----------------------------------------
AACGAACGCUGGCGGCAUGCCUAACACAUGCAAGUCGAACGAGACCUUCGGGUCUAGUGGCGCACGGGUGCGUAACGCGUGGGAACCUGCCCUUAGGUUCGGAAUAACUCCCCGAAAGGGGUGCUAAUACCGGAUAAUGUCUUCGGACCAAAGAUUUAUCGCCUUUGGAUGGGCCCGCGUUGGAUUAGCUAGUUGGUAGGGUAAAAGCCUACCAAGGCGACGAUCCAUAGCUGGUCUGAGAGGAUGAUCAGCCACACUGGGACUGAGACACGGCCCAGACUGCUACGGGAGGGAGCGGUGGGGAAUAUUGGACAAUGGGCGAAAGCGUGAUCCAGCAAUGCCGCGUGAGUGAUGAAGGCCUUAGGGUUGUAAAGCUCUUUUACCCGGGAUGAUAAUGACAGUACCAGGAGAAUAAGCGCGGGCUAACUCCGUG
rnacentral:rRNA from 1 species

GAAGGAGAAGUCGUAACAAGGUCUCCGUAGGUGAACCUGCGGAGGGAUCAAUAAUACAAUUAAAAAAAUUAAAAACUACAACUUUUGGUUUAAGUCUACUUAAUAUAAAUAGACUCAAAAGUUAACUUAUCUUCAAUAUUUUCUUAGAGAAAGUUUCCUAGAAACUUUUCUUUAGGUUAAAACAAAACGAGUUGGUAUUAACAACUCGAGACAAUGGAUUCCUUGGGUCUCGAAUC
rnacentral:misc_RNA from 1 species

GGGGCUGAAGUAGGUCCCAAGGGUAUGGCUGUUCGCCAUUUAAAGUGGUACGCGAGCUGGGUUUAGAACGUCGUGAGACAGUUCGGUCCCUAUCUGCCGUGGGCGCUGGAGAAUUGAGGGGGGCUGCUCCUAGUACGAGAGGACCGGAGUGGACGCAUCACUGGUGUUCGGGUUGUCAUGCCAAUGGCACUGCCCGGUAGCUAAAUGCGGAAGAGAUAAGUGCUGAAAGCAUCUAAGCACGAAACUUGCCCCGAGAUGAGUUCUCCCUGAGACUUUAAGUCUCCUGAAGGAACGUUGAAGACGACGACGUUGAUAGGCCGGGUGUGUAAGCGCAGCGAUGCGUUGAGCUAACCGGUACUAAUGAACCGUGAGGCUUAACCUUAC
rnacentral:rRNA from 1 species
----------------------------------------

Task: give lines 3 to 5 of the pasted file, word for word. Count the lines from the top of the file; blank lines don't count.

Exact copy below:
GAAGGAGAAGUCGUAACAAGGUCUCCGUAGGUGAACCUGCGGAGGGAUCAAUAAUACAAUUAAAAAAAUUAAAAACUACAACUUUUGGUUUAAGUCUACUUAAUAUAAAUAGACUCAAAAGUUAACUUAUCUUCAAUAUUUUCUUAGAGAAAGUUUCCUAGAAACUUUUCUUUAGGUUAAAACAAAACGAGUUGGUAUUAACAACUCGAGACAAUGGAUUCCUUGGGUCUCGAAUC
rnacentral:misc_RNA from 1 species

GGGGCUGAAGUAGGUCCCAAGGGUAUGGCUGUUCGCCAUUUAAAGUGGUACGCGAGCUGGGUUUAGAACGUCGUGAGACAGUUCGGUCCCUAUCUGCCGUGGGCGCUGGAGAAUUGAGGGGGGCUGCUCCUAGUACGAGAGGACCGGAGUGGACGCAUCACUGGUGUUCGGGUUGUCAUGCCAAUGGCACUGCCCGGUAGCUAAAUGCGGAAGAGAUAAGUGCUGAAAGCAUCUAAGCACGAAACUUGCCCCGAGAUGAGUUCUCCCUGAGACUUUAAGUCUCCUGAAGGAACGUUGAAGACGACGACGUUGAUAGGCCGGGUGUGUAAGCGCAGCGAUGCGUUGAGCUAACCGGUACUAAUGAACCGUGAGGCUUAACCUUAC